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April 2020 report: Progress with development and news of recent patients and a former patient
The Coronavirus is casting a long shadow over everything at present. We have no idea how this is likely to affect our work here or in Uganda so rather than over reacting we will try to keep things as normal as possible and monitor the situation. There will clearly be a significant impact on the economy but we don't yet know how this may affect us. I have been able to reassure the Acheru staff and board that we will be continuing to transfer out their monthly budget in line with previous guarantees, and we have also made some progress with support for the development plan.
We don't know how the work in Uganda will be affected. Acheru is registered with the Ministry of Health so presumably there will be official guidance. If, for example, surgical work needs to be limited, there may be scope to extend community and outpatient work; much of this will be left to the discretion of the staff, who may need to react to a fast changing situation.
My worry in the present crisis is that there is alarmism which could lead to panic, and false information which could result in bad decisions, and Acheru will need to guard against this. There have been claims that Uganda has bought the rights to a vaccine which will be available very soon; there are extravagant claims from 'evangelists' saying in effect that Christians are immune; and there will be many trying to make money from all this by selling cures. It is my hope and prayer that everyone at Acheru can work together to cope with any changes and will be able to continue to work effectively through whatever changes take place.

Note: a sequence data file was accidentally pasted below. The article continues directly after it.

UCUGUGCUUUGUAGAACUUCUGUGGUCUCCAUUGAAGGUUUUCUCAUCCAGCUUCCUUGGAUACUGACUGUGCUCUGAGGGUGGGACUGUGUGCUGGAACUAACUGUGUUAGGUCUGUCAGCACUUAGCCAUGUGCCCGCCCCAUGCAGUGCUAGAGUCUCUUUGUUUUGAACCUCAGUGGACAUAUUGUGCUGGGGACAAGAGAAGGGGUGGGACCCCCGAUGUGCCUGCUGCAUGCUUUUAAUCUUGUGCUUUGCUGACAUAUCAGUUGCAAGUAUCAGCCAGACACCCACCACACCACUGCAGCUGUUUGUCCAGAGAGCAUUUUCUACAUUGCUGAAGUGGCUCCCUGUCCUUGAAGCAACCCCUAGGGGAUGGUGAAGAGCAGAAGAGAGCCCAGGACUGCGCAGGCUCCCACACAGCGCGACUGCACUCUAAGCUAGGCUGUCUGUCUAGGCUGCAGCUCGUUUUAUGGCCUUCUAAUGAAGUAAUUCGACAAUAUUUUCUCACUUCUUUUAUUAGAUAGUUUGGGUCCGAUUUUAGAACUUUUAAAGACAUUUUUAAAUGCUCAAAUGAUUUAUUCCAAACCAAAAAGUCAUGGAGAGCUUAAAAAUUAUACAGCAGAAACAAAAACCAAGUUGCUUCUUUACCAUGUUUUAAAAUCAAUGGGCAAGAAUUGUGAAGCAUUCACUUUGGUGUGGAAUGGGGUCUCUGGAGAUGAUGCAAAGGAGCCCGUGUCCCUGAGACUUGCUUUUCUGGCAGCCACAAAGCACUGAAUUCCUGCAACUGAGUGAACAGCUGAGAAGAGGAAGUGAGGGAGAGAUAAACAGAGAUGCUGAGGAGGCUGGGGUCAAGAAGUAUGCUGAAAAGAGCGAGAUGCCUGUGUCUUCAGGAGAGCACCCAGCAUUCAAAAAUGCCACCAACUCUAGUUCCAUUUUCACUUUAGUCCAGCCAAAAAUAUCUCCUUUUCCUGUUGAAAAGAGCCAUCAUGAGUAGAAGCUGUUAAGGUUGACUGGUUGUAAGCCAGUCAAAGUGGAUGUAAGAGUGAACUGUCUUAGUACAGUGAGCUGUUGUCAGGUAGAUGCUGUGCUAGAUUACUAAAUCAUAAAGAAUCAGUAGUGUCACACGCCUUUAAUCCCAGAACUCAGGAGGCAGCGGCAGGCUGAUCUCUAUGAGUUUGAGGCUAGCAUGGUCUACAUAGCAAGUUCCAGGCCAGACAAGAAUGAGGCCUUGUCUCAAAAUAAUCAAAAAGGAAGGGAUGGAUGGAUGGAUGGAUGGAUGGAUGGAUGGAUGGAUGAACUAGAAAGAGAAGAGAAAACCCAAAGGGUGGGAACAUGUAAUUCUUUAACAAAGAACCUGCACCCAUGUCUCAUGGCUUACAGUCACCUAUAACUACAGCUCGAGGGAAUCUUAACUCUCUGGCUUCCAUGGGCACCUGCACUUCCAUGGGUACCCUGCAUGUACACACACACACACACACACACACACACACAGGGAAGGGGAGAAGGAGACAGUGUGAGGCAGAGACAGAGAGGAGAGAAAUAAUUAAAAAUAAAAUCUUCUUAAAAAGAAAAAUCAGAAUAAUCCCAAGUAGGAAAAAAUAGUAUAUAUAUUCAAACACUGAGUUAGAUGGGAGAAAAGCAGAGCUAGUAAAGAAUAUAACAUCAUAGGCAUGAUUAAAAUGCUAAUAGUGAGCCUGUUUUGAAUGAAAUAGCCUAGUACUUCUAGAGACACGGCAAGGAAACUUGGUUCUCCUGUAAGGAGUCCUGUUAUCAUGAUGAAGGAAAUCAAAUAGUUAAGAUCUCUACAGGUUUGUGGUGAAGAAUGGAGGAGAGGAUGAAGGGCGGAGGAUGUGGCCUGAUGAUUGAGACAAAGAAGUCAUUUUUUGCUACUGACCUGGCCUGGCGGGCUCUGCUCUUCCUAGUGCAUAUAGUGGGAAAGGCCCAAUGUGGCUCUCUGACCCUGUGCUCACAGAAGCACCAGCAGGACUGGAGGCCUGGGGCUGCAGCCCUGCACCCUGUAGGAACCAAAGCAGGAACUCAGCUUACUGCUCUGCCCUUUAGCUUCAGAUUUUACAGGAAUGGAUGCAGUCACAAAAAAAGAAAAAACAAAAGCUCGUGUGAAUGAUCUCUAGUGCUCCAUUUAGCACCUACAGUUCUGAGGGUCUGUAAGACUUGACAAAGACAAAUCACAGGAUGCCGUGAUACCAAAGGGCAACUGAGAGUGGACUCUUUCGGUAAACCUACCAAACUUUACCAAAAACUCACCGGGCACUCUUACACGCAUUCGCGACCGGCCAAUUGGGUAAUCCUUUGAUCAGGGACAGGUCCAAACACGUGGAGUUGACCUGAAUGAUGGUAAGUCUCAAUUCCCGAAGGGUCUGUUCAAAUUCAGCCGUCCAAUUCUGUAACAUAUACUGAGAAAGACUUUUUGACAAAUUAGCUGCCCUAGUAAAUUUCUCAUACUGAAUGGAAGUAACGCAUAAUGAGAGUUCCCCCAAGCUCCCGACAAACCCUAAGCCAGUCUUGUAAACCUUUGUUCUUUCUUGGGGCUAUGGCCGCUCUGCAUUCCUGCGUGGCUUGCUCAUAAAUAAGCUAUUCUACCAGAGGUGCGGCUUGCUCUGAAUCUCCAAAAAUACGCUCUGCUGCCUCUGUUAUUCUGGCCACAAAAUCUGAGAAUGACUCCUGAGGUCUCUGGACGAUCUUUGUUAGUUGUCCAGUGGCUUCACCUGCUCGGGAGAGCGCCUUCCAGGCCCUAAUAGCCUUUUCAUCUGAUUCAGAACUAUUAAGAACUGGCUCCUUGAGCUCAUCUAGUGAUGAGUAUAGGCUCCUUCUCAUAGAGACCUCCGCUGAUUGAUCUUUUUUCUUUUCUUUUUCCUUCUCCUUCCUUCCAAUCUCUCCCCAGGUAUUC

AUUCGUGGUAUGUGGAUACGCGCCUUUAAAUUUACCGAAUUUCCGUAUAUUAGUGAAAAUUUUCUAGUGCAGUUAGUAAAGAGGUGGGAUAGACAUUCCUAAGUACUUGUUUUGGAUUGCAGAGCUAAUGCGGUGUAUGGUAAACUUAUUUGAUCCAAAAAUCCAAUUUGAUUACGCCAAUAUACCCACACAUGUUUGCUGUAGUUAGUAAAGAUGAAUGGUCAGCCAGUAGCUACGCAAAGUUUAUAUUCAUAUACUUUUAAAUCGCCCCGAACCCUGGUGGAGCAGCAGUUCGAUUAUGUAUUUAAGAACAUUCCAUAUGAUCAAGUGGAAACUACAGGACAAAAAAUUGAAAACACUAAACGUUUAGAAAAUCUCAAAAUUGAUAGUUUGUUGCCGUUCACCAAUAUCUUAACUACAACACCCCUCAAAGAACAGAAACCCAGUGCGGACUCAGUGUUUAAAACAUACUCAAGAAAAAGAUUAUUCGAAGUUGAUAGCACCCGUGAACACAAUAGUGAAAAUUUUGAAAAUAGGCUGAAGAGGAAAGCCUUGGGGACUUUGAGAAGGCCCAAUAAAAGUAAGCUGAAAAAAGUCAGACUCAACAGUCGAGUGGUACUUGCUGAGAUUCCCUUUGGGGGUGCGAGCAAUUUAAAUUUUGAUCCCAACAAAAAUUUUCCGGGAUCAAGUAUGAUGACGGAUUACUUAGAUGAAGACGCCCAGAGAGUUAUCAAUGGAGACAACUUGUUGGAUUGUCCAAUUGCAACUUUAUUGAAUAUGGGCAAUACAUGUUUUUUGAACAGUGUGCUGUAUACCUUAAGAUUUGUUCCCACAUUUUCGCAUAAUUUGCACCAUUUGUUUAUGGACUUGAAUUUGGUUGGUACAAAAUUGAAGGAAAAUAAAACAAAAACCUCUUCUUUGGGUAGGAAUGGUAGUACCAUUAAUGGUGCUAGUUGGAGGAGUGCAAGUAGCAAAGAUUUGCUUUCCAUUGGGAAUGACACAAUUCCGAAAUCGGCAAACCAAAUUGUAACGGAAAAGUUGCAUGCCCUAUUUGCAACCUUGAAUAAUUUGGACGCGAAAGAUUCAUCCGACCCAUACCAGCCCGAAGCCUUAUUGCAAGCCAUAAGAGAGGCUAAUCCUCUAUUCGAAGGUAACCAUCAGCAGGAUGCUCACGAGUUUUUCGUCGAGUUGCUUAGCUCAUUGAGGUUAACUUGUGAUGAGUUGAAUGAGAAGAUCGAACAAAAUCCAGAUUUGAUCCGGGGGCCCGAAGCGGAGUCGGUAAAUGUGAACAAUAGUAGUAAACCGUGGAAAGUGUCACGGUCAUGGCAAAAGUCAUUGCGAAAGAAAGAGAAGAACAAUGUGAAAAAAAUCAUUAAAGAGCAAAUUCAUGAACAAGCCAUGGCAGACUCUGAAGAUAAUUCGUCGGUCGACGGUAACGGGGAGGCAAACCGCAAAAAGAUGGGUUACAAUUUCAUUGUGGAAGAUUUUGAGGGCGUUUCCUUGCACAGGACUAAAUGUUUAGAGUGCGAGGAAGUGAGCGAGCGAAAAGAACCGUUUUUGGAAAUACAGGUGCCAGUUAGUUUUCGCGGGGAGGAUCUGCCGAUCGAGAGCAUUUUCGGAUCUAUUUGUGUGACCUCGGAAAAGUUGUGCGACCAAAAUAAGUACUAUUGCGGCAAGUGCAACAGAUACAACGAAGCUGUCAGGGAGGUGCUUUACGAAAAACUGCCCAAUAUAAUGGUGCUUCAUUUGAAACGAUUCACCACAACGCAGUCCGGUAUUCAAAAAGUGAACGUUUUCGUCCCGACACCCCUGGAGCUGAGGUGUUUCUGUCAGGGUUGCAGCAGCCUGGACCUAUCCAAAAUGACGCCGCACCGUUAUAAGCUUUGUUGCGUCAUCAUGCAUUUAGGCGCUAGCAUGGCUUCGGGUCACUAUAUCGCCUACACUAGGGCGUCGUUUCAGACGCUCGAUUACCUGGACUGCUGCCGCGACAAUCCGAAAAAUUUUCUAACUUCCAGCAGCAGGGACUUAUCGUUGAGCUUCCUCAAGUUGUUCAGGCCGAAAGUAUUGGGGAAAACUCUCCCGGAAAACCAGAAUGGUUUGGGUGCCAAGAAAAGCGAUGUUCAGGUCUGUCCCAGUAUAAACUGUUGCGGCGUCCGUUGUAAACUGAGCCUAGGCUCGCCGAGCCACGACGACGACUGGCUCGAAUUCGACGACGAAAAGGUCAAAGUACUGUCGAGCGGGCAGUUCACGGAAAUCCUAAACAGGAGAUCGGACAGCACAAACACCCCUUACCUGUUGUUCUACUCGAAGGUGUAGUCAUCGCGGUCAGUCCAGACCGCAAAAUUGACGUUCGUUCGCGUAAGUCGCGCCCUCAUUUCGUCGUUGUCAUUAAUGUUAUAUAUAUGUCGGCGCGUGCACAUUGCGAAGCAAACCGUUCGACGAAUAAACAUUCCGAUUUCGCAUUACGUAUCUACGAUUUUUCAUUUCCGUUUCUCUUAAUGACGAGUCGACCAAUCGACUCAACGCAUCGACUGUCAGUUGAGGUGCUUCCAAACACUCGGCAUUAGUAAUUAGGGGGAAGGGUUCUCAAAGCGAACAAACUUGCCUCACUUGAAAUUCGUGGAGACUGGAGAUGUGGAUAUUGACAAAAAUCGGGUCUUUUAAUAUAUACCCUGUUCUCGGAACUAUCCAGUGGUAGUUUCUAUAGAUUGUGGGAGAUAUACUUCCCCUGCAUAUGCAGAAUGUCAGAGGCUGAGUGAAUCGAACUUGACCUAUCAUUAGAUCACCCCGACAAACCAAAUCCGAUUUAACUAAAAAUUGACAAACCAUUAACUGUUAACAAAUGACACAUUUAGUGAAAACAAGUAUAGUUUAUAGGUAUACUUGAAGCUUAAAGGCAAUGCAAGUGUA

I wrote in my last report about some of the more difficult conditions the staff must deal with. Others, like the following, can be much more straightforward, while still meaning a great deal to the children concerned. Five year old Lagum Mary and nine year old Awor Lucky are sisters from Minakulu in Omoro district. Both developed leg deformities from a very early age, diagnosed as Genu Varus (bow legs) with painful knee joints making walking difficult. From Minakulu they were brought to Kabembe and referred by Acheru to be seen by CoRSU's orthopaedic surgeon. They both received the same treatment: bilateral knee epiphysiodesis, nursing care, therapeutic exercises, and psycho-social support. They now have normal leg alignment, are free of pain, walking and playing normally.

Lagum Mary before treatment

Lagum Mary after treatment

Lagum Mary

Awor Lucky before treatment

Awor Lucky after treatment

Awor Lucky

Lucky and Mary with their father and Ronald, our orthopaedic technician
Agang Judith is an orphan living with her married sister in the north. She was spotted by Acheru staff during a community outreach at Otwal health centre, complaining of a painful right leg and inability to use her right arm. She had been injured when a tree fell on her, fracturing her leg, when she was six years old. She was treated in the regional hospital but her leg did not heal properly. She was diagnosed by Acheru staff with mal-union fracture right mid 1/3 tibia with right radial nerve palsy. She was taken to Kabembe and referred to CoRSU for corrective osteotomy, then back to Acheru for post operative care. Her right leg is now in normal alignment. Following this intervention Judith was enrolled in technical school and attained a certificate in tailoring. During an Acheru follow up visit she was found to be doing well and earning money from clothing repairs.



Agang Judith
The medical equipment in the store is no longer my responsibility but I tend to get withdrawal symptoms and like to do what I can to help. I'm trying to prepare some of the more 'technical' items for sending to Malawi and possibly other places. Because of my age and medical history I am now considered 'vulnerable' with the spread of the Corona virus, so I work alone in the office or store. If I've to meet anyone in the office we sit quite far apart! I think these medical supplies can still be of considerable value if we can place them in the right hands, but we need help with the sending of containers. They're not cheap so we try to ensure that the value of each item makes sending it worthwhile. It also means making difficult decisions about what to discard as at present there's far too much in the store and I'd like to get it moved, whether that means scrapping it or sending it to wherever it's most needed.

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